In January, the planet continued the warming trend that made 2014 the hottest calendar year on record. NASA reports that last month was the second-hottest January on record (after 2007), while the Japan Meteorological Agency ranked it the hottest.
Significantly, there has never been as hot a 12-month period in NASA’s database as the previous 12 months (February 2014–January 2015). This is using a 12-month moving average, so we can “see the march of temperature change over time,” rather than just once every calendar year.
While it has been cold for those of us living in a slice of the eastern and northeastern U.S., the rest of the country and the globe is quite warm, with large parts of North America and Asia experiencing nearly off-the-charts heat. That’s clear in the NASA chart below for January temperatures, whose upper range extends to a whopping 8.1°C (14.6°F) above the 1951-1980 average!
What’s remarkable is that we keep breaking the 12-month global temperature record even though we still haven’t started an El Niño. It is usually the combination of the underlying long-term warming trend and the regional El Niño warming pattern that leads to new global temperature records, as NASA has explained.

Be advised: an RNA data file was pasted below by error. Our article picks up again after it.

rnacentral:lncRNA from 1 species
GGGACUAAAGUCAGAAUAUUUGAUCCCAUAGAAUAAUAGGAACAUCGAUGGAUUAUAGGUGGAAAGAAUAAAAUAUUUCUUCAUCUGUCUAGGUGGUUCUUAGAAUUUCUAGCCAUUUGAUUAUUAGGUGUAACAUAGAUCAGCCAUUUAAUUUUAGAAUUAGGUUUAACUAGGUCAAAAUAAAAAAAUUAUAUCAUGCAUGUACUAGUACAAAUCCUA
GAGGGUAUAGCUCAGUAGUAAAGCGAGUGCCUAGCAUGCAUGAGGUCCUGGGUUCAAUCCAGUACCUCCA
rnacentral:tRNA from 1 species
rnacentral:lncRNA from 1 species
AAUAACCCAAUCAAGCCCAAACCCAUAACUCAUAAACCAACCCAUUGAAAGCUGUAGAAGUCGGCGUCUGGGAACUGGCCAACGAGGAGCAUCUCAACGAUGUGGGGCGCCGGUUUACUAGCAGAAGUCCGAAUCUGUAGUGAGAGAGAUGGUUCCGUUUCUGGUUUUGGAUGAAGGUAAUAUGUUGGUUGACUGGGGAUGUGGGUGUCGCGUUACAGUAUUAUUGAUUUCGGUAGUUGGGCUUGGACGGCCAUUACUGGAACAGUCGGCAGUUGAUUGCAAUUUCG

But the human-caused warming is simply too strong to be denied, as it were. If we want to slow it down and ultimately stop it before it destroys a livable climate, it will take some serious cuts in carbon pollution ASAP.
Even though we just set the 12-month global temperature record, we are all but certain to blow past that record for the period March 2014–February 2015. That’s because February 2015 will replace February 2014 in the 12-month record, and last February was relatively cool globally whereas this February is on track to be on quite warm globally (notwithstanding the U.S. East Coast).
“The last 12 months have been the hottest 12 months ever recorded,” said climate expert Professor John Abraham. “So far, this February is much hotter than last year’s. This means that in a month, we will again break the all time record. These records just keep falling.”
This calendar year is extremely likely to set the record for the hottest calendar year if we do finally see an El Niño, but it could easily set the record as long as we don’t see a La Niña. In any case, humans have pushed atmospheric CO2 to levels not seen for millions of years, when the Earth was considerably hotter and sea levels up to 100 feet higher. So we are going to be breaking annual and monthly temperature records on a fairly regular basis for a long while.
h/t Greg Laden